August 14, 2021

"The Right Stuff"


Dear PERF Members,

It’s Saturday morning, and you’re used to picking up Trending and reading something serious, maybe something cutting-edge. But today I’m taking a break and writing something less ponderous, maybe even funny, I hope!

I’m a big George Carlin fan. When he died, it felt like I had lost a good friend. If I had a second life, I’d love to come back to this world and make people laugh like George did. 

One of George’s classic bits was about “stuff.” If you haven’t seen it, take a minute and watch:

George explains that the meaning of life is really about “trying to find a place for your stuff.” We invented houses because we need “a place to keep your stuff while you go out and get more stuff.” Some people collect too much stuff to fit in their houses, so we have storage facilities -- “a whole industry based on keeping an eye on your stuff.” You can visit friends and stay overnight, but the problem with other people’s houses is that “somebody else’s stuff is all over the place.”

The other day I thought of this classic Carlin rant, and it got me thinking about “police stuff.” You know what I’m talking about. If you come to visit me someday in Washington, you’ll see that my office is filled with stuff, because I can’t travel to a police or sheriff’s department without being given stuff. And I’m not complaining. I’ve kept this stuff for years; it’s kind of fun.

You get hats, pens, pins, patches, T-shirts, ties, sweatshirts, jackets, badges, coffee mugs, miniature billy clubs,  ….  and challenge coins, which are unlike any other gift. Many of you know the drill. The giver puts the coin in the palm of their hand and slips it to you through a handshake. It’s a special ritual.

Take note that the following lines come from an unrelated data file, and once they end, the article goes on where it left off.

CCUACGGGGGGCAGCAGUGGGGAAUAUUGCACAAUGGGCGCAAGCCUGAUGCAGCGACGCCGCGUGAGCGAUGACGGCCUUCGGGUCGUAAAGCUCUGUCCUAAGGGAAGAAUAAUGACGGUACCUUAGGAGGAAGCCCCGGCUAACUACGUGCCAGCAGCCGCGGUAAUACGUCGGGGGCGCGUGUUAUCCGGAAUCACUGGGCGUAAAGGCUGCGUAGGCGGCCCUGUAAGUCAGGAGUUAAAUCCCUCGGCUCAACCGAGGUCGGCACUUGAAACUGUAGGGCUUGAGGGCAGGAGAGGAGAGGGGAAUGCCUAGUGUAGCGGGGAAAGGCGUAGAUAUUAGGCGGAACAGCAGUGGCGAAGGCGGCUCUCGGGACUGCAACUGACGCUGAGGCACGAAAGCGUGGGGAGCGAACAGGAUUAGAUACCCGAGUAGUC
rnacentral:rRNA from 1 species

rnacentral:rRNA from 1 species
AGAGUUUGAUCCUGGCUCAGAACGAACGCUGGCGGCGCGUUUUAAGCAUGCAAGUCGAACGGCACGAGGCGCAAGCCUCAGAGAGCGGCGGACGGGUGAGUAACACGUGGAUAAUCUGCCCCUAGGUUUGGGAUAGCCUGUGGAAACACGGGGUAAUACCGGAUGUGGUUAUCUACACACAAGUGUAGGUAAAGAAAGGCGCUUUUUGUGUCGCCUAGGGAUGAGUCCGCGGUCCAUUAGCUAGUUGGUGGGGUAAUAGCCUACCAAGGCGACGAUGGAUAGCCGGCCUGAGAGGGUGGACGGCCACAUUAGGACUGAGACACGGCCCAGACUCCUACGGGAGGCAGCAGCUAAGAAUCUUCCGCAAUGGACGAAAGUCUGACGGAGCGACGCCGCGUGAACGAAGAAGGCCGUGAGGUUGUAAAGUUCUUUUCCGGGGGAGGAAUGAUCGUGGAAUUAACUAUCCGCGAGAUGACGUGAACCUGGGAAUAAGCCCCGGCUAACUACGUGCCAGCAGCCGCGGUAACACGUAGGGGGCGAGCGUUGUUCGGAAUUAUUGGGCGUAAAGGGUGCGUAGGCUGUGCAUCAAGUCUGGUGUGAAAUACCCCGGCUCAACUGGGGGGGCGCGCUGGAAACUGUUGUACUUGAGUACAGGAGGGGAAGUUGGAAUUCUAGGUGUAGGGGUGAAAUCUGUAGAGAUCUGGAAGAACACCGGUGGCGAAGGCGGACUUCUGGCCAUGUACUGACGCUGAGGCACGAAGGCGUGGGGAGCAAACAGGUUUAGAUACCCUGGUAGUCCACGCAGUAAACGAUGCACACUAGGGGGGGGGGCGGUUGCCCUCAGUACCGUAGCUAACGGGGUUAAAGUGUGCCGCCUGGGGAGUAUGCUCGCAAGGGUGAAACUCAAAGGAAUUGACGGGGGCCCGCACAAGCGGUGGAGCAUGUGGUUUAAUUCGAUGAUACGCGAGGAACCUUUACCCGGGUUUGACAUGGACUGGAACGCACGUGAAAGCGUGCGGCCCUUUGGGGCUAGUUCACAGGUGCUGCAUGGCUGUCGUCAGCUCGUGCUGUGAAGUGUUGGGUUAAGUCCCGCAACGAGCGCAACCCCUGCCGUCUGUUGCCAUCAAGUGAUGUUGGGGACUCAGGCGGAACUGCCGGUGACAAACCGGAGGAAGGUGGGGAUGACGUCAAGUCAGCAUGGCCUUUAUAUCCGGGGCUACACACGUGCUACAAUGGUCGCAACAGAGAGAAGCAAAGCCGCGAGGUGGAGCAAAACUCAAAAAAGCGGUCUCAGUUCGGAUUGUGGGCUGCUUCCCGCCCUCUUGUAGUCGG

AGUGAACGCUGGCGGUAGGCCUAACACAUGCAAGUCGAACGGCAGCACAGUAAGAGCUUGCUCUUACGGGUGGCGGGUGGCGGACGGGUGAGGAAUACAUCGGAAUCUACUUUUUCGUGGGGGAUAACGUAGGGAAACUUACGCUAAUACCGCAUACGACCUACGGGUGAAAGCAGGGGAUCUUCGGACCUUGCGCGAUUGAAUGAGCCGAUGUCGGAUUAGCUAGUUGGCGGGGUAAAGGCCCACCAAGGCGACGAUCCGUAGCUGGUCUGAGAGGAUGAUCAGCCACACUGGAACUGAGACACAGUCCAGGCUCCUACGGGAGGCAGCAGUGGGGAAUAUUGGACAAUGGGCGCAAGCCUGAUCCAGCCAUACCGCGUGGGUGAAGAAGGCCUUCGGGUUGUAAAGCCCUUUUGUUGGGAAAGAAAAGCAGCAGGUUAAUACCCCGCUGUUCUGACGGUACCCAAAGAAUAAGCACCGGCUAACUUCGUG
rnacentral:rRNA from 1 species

I wonder what George Carlin would have said about police stuff, because we take it to another level. If you go to a police department, you don’t just get one piece of stuff.  You visit the chief, and they give you chief stuff. You go see the gang unit, and they give you gang unit stuff. The community policing cops give you stuff. Drug cops have their own stuff. The bomb unit has special stuff. The K-9 and motorcycle cops, and the police union gives you their stuff.

Finally you head home, and the cops who take you back to the airport... well, they give you stuff too.

One of my favorite pieces of stuff is a jacket former Las Vegas Sheriff Doug Gillespie gave me that says “Metro Homicide” on the back. One day I wore it doing errands, and it raised eyebrows at the dry cleaners. The bullet hole through the ace of spades is a nice touch.

No one can top Steve Anderson for nice stuff. In 2018 we had PERF’s Annual Meeting in Nashville, and after it was over, I got a package in the mail.  It was a large blanket with the PERF logo and my name woven into it, to commemorate the event!  I thought Wow, isn’t this something?  Then I learned that Steve sent everyone on the PERF staff a blanket, customized with their names. That’s Steve. Talk about blanket coverage! (sorry)

I’ve done some traveling overseas, and police stuff abroad is a few levels above our stuff. In Ukraine I got a gigantic hand-carved wooden box. It was beautiful, but it was a real challenge getting it on the plane. What do you do with stuff that’s too large, without insulting your host?